A wonderful presentation by Dan McKinley of Stripe on how technology companies make mistake in choosing the next piece of shiny technology instead of relying on their existing and tested stack. He outlines how this increases the overall cost and how this cripples the development team in many ways. I have to admit that for many years, I used to do this myself and would go for the next framework, the next data store, etc. I learned the lesson the hard way and thankfully since then I choose the fewer, the most known technology that serves the need.
The pecl_http extension has a little gem that can be handy at times – HttpRequestPool. Using this, you can send concurrent HTTP requests and can gain efficiency in fetching non-related data at once. For example, from an external source if your application needs to retrieve an user’s profile, their order history and current balance, you can send parallel requests to the API and get everything together.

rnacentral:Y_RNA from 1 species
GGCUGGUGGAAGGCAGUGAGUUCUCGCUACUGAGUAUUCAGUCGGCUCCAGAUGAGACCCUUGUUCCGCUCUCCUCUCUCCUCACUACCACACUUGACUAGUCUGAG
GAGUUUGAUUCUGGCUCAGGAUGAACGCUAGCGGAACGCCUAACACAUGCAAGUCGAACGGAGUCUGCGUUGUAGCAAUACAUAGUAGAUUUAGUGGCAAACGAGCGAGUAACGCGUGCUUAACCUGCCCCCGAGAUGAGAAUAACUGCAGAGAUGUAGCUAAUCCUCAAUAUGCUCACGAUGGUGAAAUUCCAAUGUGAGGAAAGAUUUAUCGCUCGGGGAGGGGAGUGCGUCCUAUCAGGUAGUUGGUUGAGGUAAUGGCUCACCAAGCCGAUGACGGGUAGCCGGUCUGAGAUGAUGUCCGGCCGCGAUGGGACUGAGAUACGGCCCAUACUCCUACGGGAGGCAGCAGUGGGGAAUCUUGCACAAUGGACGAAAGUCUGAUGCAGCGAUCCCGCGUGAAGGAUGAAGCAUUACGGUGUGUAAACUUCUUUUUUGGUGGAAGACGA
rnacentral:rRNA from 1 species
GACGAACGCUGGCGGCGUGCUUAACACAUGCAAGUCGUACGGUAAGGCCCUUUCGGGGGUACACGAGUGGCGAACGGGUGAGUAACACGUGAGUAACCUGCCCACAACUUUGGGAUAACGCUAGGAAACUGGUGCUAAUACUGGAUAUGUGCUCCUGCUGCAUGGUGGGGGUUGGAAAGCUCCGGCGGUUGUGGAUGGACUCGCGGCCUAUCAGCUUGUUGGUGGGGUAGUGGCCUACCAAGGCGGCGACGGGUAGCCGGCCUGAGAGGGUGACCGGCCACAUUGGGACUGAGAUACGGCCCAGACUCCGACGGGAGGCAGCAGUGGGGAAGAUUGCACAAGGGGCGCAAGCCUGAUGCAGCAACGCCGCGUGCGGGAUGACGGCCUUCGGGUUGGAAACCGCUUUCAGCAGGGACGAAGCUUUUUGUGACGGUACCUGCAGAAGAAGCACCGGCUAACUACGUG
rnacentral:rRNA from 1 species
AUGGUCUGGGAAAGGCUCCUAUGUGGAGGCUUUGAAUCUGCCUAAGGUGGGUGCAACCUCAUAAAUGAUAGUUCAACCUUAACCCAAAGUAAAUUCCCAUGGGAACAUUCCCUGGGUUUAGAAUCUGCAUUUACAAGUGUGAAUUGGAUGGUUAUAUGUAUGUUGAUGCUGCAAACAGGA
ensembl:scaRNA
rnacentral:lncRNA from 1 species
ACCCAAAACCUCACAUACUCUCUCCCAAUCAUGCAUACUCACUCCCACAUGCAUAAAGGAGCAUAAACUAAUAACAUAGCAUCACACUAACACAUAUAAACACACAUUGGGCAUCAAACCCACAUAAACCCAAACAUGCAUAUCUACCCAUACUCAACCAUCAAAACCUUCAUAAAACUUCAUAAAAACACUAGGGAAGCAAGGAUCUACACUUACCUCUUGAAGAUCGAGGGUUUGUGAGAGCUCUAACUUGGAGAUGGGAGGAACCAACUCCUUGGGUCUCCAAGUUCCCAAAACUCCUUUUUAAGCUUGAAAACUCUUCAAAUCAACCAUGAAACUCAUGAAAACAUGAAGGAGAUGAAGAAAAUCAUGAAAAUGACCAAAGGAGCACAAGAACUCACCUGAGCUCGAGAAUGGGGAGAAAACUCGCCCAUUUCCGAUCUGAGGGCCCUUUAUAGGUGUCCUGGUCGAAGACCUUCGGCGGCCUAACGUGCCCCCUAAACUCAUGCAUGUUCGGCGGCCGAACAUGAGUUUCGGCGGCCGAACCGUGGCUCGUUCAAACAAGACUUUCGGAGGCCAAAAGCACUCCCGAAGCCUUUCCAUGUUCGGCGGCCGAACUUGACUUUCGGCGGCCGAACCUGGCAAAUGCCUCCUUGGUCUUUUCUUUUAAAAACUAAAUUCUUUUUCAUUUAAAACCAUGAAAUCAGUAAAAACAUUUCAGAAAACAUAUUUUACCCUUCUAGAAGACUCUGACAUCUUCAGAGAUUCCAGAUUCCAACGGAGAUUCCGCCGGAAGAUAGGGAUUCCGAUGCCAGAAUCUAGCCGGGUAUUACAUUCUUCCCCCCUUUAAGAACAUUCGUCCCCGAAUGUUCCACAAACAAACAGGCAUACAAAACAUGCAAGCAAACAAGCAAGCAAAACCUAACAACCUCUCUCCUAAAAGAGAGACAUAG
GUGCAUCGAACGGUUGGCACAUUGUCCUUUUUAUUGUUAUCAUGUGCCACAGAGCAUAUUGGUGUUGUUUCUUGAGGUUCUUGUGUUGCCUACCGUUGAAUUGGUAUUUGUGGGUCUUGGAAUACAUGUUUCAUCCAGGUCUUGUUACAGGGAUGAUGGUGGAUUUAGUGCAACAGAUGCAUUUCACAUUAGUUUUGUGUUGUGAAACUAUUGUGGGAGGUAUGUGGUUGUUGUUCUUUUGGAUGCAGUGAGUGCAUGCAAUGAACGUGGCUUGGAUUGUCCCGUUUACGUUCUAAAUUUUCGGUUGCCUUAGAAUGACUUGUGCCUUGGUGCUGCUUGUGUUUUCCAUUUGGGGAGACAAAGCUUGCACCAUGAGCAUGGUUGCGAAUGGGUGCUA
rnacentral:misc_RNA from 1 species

Here is a simple example code to illustrate that:
Its amazing how Symfony2 has created an ecosystem where you can just add a bundle to your application and in minutes, you are able to make use of functionality/integration that would take you days to add if you had to code it up yourself. A while ago, I needed to add S3 CDN support to our Loosemonkies application so that the avatars uploaded by job seekers and company logos uploaded by employers would be stored in a globally accessible CDN. I started looking for a ready-to-use bundle that I can just add to the project, beef up a few config and everything else would just work. However, this time the task seemed a bit tough.
After much searching and evaluating, I stumbled upon this wonderful post. The author has shown here how to use Gaufrette and the Amazon AWS bundle together to achieve what I was looking for. It took me a while to follow the steps and finally I integrated it. Then I had a new requirement where I would need to upload assets that have already been sitting in the local, so I would add an additional method in the PhotoUploader class to handle it – uploadFromUrl. It would guess the mime type of the file by extension, as we do not have the mime type handed to us by PHP. It worked beautifully and we were all set.
Sharing the code here in case others find it useful.